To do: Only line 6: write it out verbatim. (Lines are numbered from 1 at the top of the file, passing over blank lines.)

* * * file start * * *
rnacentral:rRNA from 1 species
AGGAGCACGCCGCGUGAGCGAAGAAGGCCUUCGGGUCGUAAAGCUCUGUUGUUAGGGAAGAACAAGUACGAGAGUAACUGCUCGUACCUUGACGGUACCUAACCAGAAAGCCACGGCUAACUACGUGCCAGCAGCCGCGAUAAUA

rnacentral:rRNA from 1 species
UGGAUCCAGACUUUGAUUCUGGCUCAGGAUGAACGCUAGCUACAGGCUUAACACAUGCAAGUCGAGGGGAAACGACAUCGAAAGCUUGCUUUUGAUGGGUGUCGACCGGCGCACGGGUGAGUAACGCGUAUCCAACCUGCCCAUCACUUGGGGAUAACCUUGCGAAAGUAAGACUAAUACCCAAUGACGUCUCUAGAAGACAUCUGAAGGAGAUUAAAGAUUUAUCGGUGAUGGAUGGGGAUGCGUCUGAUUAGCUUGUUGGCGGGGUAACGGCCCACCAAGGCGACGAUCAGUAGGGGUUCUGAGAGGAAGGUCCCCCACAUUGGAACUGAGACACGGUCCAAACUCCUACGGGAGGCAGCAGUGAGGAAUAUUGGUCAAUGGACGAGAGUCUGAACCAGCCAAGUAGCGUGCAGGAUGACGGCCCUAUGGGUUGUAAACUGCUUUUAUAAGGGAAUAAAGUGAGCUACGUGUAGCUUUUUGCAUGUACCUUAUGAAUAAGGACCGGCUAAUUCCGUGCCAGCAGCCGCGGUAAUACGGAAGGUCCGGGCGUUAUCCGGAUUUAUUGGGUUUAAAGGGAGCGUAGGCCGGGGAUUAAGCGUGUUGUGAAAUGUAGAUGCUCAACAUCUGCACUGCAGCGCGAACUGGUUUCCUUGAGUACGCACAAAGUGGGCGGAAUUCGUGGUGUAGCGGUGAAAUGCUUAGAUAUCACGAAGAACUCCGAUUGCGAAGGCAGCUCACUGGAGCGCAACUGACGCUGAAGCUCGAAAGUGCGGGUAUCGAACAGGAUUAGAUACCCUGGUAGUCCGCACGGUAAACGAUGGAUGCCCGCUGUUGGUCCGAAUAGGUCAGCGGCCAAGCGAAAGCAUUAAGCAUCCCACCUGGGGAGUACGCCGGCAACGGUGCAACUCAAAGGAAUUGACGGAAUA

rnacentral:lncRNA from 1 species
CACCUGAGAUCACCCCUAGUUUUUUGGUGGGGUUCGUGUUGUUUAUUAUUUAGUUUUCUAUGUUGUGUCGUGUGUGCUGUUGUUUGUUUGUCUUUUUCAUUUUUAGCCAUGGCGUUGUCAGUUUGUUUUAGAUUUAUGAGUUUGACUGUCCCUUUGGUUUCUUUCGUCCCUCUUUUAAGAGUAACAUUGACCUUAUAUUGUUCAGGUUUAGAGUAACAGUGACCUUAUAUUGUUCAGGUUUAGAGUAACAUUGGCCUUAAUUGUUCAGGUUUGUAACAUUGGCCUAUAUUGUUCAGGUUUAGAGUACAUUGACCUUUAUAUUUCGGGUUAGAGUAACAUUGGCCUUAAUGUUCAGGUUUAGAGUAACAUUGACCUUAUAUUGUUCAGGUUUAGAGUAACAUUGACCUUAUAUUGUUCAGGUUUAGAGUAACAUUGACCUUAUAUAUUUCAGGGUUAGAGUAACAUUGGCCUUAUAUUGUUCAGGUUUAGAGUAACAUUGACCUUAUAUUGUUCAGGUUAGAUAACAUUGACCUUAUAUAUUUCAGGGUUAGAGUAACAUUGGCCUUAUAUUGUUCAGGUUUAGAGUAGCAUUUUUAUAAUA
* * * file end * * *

CACCUGAGAUCACCCCUAGUUUUUUGGUGGGGUUCGUGUUGUUUAUUAUUUAGUUUUCUAUGUUGUGUCGUGUGUGCUGUUGUUUGUUUGUCUUUUUCAUUUUUAGCCAUGGCGUUGUCAGUUUGUUUUAGAUUUAUGAGUUUGACUGUCCCUUUGGUUUCUUUCGUCCCUCUUUUAAGAGUAACAUUGACCUUAUAUUGUUCAGGUUUAGAGUAACAGUGACCUUAUAUUGUUCAGGUUUAGAGUAACAUUGGCCUUAAUUGUUCAGGUUUGUAACAUUGGCCUAUAUUGUUCAGGUUUAGAGUACAUUGACCUUUAUAUUUCGGGUUAGAGUAACAUUGGCCUUAAUGUUCAGGUUUAGAGUAACAUUGACCUUAUAUUGUUCAGGUUUAGAGUAACAUUGACCUUAUAUUGUUCAGGUUUAGAGUAACAUUGACCUUAUAUAUUUCAGGGUUAGAGUAACAUUGGCCUUAUAUUGUUCAGGUUUAGAGUAACAUUGACCUUAUAUUGUUCAGGUUAGAUAACAUUGACCUUAUAUAUUUCAGGGUUAGAGUAACAUUGGCCUUAUAUUGUUCAGGUUUAGAGUAGCAUUUUUAUAAUA